A Manly Star in the Firmament; or, George Montgomery’s Vox Viri

Mortal humans who play silver-screen western gods–I mean heroes–have to go through rigorous vocal exercises to deepen their voices, strangle their vowels, and clip off extraneous words like adjectives (the last being a good plan for anyone, actually). These exercises serve to broaden the chest and strengthen one’s cajones–as George Montgomery can attest to.

In The Lone Gun (1954), directed by Ray Nazarro, George Montgomery, an ordinarily melodious-voiced, square-jawed handsome movie star beloved by many, took on the role of “Cruze,” a man who has more cajones than an entire town being bullied, and not online, by a handful of brutes. Like the equally clipped and gravelly voiced Marshal Kane in High Noon, Cruze has decided that what’s worth risking his life for is self-respect, not a weak-willed and cowardly community.

The Lone Gun has beautiful splashy fifties color, and men and women in a mid-century version of western costume, which makes everyone look as if they’ve stepped out from a Ralph Lauren ad, with a little chalk dust on clothes thrown in for authenticity. It’s a rip-roaring yarn that doesn’t have a lot of sophistication, but it’s not terrible, and it has Dorothy Malone playing Charlotte Downing (and eventually graduating to a household name as Constance MacKenzie on Peyton Place). Glamorous even in the middle of cowtown, Malone, nay her red neckerchief is worth a Homeric post, but it’s her hot-eyed yearning for a real man, Cruze, that screams western camp.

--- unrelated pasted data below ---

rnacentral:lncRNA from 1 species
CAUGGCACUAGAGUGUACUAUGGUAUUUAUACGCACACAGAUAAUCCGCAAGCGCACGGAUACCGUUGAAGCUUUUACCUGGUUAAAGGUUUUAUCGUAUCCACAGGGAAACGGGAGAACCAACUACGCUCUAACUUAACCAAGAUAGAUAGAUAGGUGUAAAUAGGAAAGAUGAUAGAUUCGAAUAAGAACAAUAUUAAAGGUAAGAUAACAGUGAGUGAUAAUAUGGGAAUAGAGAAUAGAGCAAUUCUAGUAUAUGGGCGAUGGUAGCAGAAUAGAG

George Montgomery was a bit of Renaissance man: handsome, dashing with a dashing wife (Dinah Shore), an actor, designer, architect, sculptor, war veteran… What couldn’t he do? He was an A-lister before the war and acted in B westerns after his service. Seems like another upstanding guy who looks good in a holster (and how).

So I won’t poke fun at him, but back to the vocal exercises that Montgomery seems to have had to do. In other films he’s got a deep, fluid Hollywood voice, but in his westerns, he sharpens his tone into brusque commands that, as a dog whistle acts profoundly on canines, incites villains, cows weaklings, and gets a beautiful woman to ride her horse at his heels. Indeed, there are no limits to this man. Another reason why life is better as a silver-screen western hero. Yippie-yi-ti-yay!

George Montgomery in Gun Belt

If you don’t believe me, check out the second coming on this poster at the great blog 50 Westerns from the 50s.

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